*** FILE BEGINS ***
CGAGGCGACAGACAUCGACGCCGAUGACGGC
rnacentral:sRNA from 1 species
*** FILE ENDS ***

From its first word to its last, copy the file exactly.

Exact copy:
CGAGGCGACAGACAUCGACGCCGAUGACGGC
rnacentral:sRNA from 1 species